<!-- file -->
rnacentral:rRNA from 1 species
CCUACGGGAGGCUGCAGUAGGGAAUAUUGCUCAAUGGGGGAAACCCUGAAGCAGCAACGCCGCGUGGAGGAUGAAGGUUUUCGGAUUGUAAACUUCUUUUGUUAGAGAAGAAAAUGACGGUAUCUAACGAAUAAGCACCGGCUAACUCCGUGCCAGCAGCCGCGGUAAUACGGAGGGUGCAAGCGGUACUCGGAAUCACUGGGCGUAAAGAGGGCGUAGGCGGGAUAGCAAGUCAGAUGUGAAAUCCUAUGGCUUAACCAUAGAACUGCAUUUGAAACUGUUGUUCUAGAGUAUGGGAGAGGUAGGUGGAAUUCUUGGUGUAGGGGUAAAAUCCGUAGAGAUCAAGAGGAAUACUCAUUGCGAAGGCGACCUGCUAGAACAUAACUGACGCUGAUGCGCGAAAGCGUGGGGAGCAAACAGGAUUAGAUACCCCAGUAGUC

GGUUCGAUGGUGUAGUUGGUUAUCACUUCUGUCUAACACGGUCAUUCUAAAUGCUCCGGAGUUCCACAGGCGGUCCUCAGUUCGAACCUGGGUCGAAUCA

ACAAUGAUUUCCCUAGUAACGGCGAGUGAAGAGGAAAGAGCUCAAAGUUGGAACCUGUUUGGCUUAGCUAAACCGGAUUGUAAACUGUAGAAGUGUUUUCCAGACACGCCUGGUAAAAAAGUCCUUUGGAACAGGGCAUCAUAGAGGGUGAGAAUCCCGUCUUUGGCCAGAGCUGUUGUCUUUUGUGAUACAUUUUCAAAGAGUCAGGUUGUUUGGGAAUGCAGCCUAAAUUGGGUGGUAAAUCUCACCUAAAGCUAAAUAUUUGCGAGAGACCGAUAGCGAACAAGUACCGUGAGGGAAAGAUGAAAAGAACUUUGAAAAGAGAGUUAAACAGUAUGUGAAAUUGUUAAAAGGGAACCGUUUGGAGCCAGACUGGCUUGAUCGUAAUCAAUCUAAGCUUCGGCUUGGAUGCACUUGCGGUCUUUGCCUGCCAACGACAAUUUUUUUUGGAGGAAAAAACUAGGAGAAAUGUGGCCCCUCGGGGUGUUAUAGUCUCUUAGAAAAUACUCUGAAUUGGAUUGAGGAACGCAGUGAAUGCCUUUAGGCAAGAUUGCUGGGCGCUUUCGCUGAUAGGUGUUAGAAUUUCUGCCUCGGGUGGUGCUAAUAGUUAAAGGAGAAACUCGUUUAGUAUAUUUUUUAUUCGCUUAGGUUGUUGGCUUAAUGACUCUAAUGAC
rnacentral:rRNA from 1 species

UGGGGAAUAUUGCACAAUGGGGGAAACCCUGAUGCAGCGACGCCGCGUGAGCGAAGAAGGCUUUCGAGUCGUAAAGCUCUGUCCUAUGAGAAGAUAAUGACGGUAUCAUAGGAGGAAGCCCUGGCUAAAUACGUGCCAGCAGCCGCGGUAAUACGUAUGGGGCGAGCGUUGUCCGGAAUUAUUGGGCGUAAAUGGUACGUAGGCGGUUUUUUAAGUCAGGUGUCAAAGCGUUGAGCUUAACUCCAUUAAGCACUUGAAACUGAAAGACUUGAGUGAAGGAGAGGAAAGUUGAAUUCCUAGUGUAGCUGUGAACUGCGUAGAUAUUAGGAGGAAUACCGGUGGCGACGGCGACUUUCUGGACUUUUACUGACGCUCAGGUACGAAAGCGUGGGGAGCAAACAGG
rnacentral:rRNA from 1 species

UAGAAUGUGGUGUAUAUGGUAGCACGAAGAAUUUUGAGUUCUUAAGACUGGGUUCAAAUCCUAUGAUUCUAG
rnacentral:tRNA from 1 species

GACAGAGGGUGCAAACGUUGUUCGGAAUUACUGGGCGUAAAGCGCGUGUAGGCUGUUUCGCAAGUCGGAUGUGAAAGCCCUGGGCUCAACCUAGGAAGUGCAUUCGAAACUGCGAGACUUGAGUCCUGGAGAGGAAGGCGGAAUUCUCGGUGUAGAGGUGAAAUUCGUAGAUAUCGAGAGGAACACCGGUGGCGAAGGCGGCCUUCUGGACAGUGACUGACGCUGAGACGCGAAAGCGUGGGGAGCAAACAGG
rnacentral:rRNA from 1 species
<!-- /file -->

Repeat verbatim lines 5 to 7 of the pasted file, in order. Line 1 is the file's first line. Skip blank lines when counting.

rnacentral:rRNA from 1 species

UGGGGAAUAUUGCACAAUGGGGGAAACCCUGAUGCAGCGACGCCGCGUGAGCGAAGAAGGCUUUCGAGUCGUAAAGCUCUGUCCUAUGAGAAGAUAAUGACGGUAUCAUAGGAGGAAGCCCUGGCUAAAUACGUGCCAGCAGCCGCGGUAAUACGUAUGGGGCGAGCGUUGUCCGGAAUUAUUGGGCGUAAAUGGUACGUAGGCGGUUUUUUAAGUCAGGUGUCAAAGCGUUGAGCUUAACUCCAUUAAGCACUUGAAACUGAAAGACUUGAGUGAAGGAGAGGAAAGUUGAAUUCCUAGUGUAGCUGUGAACUGCGUAGAUAUUAGGAGGAAUACCGGUGGCGACGGCGACUUUCUGGACUUUUACUGACGCUCAGGUACGAAAGCGUGGGGAGCAAACAGG
rnacentral:rRNA from 1 species